1. ## Problem Sequence

Be a real number that satisfying: $\displaystyle a > 1$. Consider the sequence defined by:

$\displaystyle X_1 = 1$; $\displaystyle X_{n+1} = [\frac{X_n}{2} + \frac{a}{2x_n}]$

1) Prove that $\displaystyle X_2 > X_1$

2. As $\displaystyle X_{n+1} = [\frac{X_n}{2} + \frac{a}{2X_n}]$

Then $\displaystyle X_{2} = [\frac{X_1}{2} + \frac{a}{2X_1}]$

$\displaystyle X_1 = 1$ so

$\displaystyle X_{2} = [\frac{1}{2} + \frac{a}{2\times 1}]$

$\displaystyle X_{2} = [\frac{1+a}{2}]$

If $\displaystyle a=1$ then $\displaystyle X_{2} = \frac{1+1}{2}=1$

as $\displaystyle a>1$ this implies what?

3. Originally Posted by pickslides
As $\displaystyle X_{n+1} = [\frac{X_n}{2} + \frac{a}{2X_n}]$

Then $\displaystyle X_{2} = [\frac{X_1}{2} + \frac{a}{2X_1}]$

$\displaystyle X_1 = 1$ so

$\displaystyle X_{2} = [\frac{1}{2} + \frac{a}{2\times 1}]$

$\displaystyle X_{2} = [\frac{1+a}{2}]$

If $\displaystyle a=1$ then $\displaystyle X_{2} = \frac{1+1}{2}=1$

as $\displaystyle a>1$ this implies what?
Thank you.

2) Show that if $\displaystyle n \ge 2$, $\displaystyle X_n > X_{n-1}$ then $\displaystyle X_{n+1} > X_n$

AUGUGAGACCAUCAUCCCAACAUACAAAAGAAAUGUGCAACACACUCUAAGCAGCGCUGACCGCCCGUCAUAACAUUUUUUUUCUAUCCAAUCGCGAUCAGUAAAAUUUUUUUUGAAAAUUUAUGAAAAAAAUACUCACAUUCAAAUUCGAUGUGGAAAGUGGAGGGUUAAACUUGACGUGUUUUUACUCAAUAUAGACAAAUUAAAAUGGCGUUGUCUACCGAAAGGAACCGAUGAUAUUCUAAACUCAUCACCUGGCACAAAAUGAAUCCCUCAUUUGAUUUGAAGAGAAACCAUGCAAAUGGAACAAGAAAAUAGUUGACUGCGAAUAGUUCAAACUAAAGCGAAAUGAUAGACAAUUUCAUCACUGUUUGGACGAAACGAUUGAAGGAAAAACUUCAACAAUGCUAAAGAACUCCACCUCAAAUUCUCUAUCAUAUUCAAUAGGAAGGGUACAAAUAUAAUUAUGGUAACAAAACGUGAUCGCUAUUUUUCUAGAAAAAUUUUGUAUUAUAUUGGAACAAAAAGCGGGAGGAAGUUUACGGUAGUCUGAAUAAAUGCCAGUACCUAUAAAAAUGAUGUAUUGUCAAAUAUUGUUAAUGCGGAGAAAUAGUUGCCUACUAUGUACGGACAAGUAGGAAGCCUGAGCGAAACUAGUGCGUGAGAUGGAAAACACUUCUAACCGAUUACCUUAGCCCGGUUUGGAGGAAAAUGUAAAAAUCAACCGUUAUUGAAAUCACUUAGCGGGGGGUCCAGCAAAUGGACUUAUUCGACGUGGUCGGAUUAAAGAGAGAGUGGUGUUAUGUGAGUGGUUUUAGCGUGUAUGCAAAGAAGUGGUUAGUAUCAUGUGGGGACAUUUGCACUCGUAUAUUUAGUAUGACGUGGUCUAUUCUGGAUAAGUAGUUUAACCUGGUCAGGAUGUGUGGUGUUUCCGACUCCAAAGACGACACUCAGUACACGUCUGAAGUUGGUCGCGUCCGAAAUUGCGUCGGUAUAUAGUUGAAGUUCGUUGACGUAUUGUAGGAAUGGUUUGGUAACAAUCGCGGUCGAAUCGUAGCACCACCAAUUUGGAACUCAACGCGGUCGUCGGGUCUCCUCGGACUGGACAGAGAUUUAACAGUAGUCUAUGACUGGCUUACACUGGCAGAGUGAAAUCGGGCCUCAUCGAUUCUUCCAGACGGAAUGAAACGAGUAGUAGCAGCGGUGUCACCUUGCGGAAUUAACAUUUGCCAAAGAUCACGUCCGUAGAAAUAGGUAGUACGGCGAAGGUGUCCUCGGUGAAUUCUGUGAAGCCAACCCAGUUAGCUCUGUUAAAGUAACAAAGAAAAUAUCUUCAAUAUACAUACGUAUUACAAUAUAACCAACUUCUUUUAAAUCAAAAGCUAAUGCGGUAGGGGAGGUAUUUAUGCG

It is?
$\displaystyle X_1 = 1 ==> n = 1$
$\displaystyle X_2 = 2 ==> n = 2$
$\displaystyle X_n = n$
$\displaystyle X_{n-1} = n-1$
$\displaystyle X_{n+1} = n + 1$
?

4. This is aking for every value after $\displaystyle X_2$ that the sequence is increasing.

Can you show that? You could also use mathematical induction.

5. Originally Posted by pickslides
This is aking for every value after $\displaystyle X_2$ that the sequence is increasing.

Can you show that? You could also use mathematical induction.
Thanks

3) Prove that $\displaystyle X_1 < a$

I can use my solution in problem 1 ?
$\displaystyle X_2 = \frac{1+a}{2}$
$\displaystyle a = 2X_2-1$

$\displaystyle X_2>X_1$ --> $\displaystyle X_1=1 ==> X_2>1$
if $\displaystyle X_2=1 ==> a=1$ then $\displaystyle X_2>1 ==> a>1$
$\displaystyle a>X_1$
Correct ?

6. It is correct ?

7. Originally Posted by Apprentice123
Thanks

3) Prove that $\displaystyle X_1 < a$

I can use my solution in problem 1 ?

I don't think so. In question 1 $\displaystyle X_1 = a$ and that was given so how can it now be less than 1?

8. Originally Posted by pickslides
I don't think so. In question 1 $\displaystyle X_1 = a$ and that was given so how can it now be less than 1?
You're right.
How could I prove ?